There are a few JavaScript libraries that use an API to define property values on an object based on a given path. The function that is generally affected contains this signature: theFunction(object, path, value)

If the attacker can control the value of “path”, they can set this value to _proto_.myValue. myValue is then assigned to the prototype of the class of the object.

Types of attacks

There are a few methods by which Prototype Pollution can be manipulated:

Type Origin Short description
Denial of service (DoS) Client This is the most likely attack.
DoS occurs when Object holds generic functions that are implicitly called for various operations (for example, toString and valueOf).
The attacker pollutes Object.prototype.someattr and alters its state to an unexpected value such as Int or Object. In this case, the code fails and is likely to cause a denial of service.
For example: if an attacker pollutes Object.prototype.toString by defining it as an integer, if the codebase at any point was reliant on someobject.toString() it would fail.
Remote Code Execution Client Remote code execution is generally only possible in cases where the codebase evaluates a specific attribute of an object, and then executes that evaluation.
For example: eval(someobject.someattr). In this case, if the attacker pollutes Object.prototype.someattr they are likely to be able to leverage this in order to execute code.
Property Injection Client The attacker pollutes properties that the codebase relies on for their informative value, including security properties such as cookies or tokens.
For example: if a codebase checks privileges for someuser.isAdmin, then when the attacker pollutes Object.prototype.isAdmin and sets it to equal true, they can then achieve admin privileges.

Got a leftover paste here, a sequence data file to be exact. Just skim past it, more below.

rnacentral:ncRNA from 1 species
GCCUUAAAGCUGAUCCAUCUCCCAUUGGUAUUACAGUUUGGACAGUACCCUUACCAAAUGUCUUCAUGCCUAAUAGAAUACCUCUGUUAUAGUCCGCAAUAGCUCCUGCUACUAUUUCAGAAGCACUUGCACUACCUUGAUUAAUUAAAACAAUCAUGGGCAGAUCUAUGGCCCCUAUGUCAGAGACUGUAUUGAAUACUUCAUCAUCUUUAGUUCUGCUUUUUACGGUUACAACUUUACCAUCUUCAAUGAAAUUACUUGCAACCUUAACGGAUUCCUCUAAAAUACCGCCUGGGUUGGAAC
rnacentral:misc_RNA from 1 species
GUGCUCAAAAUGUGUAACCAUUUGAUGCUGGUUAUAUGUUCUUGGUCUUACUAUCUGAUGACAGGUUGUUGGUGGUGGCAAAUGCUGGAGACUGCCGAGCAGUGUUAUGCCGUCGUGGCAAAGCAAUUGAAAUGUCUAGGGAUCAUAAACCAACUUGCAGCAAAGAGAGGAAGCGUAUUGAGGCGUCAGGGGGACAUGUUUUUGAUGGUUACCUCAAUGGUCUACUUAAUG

Affected environments

The following environments are susceptible to a Prototype Pollution attack:

  • Application server
  • Web server

How to prevent

  1. Freeze the prototype— use Object.freeze (Object.prototype).
  2. Require schema validation of JSON input.
  3. Avoid using unsafe recursive merge functions.
  4. Consider using objects without prototypes (for example, Object.create(null)), breaking the prototype chain and preventing pollution.
  5. As a best practice use Map instead of Object.

For more information on this vulnerability type:

Arteau, Oliver. “JavaScript prototype pollution attack in NodeJS application.” GitHub, 26 May 2018

Remediation

Upgrade lodash to version 4.17.20 or higher.

References

high severity

Prototype Pollution

  • Vulnerable module: lodash
  • Introduced through: openlayers@4.1.1

Detailed paths

  • Introduced through: ngx-openlayers@0.6.10 openlayers@4.1.1 closure-util@1.18.0 lodash@4.17.4

Overview

lodash is a modern JavaScript utility library delivering modularity, performance, & extras.

Affected versions of this package are vulnerable to Prototype Pollution via the setWith and set functions.

PoC by awarau

  • Create a JS file with this contents:
    lod = require('lodash')
    lod.setWith({}, "__proto__[test]", "123")
    lod.set({}, "__proto__[test2]", "456")
    console.log(Object.prototype)
    
  • Execute it with node
  • Observe that test and test2 is now in the Object.prototype.

Details

Prototype Pollution is a vulnerability affecting JavaScript. Prototype Pollution refers to the ability to inject properties into existing JavaScript language construct prototypes, such as objects. JavaScript allows all Object attributes to be altered, including their magical attributes such as _proto_, constructor and prototype. An attacker manipulates these attributes to overwrite, or pollute, a JavaScript application object prototype of the base object by injecting other values. Properties on the Object.prototype are then inherited by all the JavaScript objects through the prototype chain. When that happens, this leads to either denial of service by triggering JavaScript exceptions, or it tampers with the application source code to force the code path that the attacker injects, thereby leading to remote code execution.

There are two main ways in which the pollution of prototypes occurs:

  • Unsafe Object recursive merge
  • Property definition by path

Unsafe Object recursive merge

The logic of a vulnerable recursive merge function follows the following high-level model: